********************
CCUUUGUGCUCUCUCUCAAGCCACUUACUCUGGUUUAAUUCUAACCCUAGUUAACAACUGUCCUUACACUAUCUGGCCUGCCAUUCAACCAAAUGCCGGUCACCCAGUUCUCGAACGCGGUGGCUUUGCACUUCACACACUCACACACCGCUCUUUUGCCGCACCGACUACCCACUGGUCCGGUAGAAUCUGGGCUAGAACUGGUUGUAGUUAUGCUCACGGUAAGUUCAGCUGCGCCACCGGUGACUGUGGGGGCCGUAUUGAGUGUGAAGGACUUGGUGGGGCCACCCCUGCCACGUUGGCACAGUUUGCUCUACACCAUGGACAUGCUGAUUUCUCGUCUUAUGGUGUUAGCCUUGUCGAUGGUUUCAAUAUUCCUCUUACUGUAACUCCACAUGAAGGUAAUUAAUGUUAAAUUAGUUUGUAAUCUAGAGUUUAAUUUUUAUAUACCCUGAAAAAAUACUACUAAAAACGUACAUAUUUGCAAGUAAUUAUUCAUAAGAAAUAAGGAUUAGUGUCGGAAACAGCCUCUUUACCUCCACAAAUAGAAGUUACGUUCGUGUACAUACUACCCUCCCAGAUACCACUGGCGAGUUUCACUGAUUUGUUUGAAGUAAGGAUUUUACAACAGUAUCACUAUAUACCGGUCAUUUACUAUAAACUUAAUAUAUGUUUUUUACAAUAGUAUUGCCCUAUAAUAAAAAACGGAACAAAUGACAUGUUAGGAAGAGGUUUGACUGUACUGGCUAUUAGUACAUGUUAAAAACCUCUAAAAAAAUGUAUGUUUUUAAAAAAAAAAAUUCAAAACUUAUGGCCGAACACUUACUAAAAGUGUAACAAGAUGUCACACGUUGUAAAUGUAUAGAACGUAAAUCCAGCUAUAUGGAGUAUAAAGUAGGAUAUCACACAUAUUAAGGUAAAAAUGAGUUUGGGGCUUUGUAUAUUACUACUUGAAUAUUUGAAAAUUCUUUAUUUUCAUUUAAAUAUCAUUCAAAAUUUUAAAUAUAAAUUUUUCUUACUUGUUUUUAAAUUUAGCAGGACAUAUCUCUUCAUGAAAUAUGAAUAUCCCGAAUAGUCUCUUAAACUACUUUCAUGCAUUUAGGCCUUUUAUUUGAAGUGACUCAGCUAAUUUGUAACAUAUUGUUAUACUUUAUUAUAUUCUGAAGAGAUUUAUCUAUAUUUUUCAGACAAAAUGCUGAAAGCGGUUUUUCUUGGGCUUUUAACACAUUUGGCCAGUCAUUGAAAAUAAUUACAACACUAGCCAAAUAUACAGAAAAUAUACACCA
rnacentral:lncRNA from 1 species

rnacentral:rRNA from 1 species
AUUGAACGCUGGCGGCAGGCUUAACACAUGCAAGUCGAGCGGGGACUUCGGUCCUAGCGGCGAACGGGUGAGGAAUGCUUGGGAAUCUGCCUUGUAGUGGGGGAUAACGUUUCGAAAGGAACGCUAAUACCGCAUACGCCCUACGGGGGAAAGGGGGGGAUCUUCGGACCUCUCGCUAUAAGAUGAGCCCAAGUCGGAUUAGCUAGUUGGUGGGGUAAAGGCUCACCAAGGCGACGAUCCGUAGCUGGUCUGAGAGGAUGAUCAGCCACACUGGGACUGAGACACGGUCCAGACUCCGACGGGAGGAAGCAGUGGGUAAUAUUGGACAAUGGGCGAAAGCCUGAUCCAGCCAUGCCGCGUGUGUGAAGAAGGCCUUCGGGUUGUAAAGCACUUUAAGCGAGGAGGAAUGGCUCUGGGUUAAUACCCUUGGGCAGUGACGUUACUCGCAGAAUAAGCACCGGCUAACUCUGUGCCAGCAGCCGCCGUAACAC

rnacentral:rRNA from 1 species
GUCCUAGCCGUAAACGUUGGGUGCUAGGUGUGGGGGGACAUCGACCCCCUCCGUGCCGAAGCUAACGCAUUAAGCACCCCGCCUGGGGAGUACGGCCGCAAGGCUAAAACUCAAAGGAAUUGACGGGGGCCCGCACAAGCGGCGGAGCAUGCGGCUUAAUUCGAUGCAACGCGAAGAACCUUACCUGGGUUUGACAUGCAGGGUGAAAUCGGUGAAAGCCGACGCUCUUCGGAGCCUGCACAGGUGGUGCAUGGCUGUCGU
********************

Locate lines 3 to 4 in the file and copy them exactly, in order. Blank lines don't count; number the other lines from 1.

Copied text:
rnacentral:rRNA from 1 species
AUUGAACGCUGGCGGCAGGCUUAACACAUGCAAGUCGAGCGGGGACUUCGGUCCUAGCGGCGAACGGGUGAGGAAUGCUUGGGAAUCUGCCUUGUAGUGGGGGAUAACGUUUCGAAAGGAACGCUAAUACCGCAUACGCCCUACGGGGGAAAGGGGGGGAUCUUCGGACCUCUCGCUAUAAGAUGAGCCCAAGUCGGAUUAGCUAGUUGGUGGGGUAAAGGCUCACCAAGGCGACGAUCCGUAGCUGGUCUGAGAGGAUGAUCAGCCACACUGGGACUGAGACACGGUCCAGACUCCGACGGGAGGAAGCAGUGGGUAAUAUUGGACAAUGGGCGAAAGCCUGAUCCAGCCAUGCCGCGUGUGUGAAGAAGGCCUUCGGGUUGUAAAGCACUUUAAGCGAGGAGGAAUGGCUCUGGGUUAAUACCCUUGGGCAGUGACGUUACUCGCAGAAUAAGCACCGGCUAACUCUGUGCCAGCAGCCGCCGUAACAC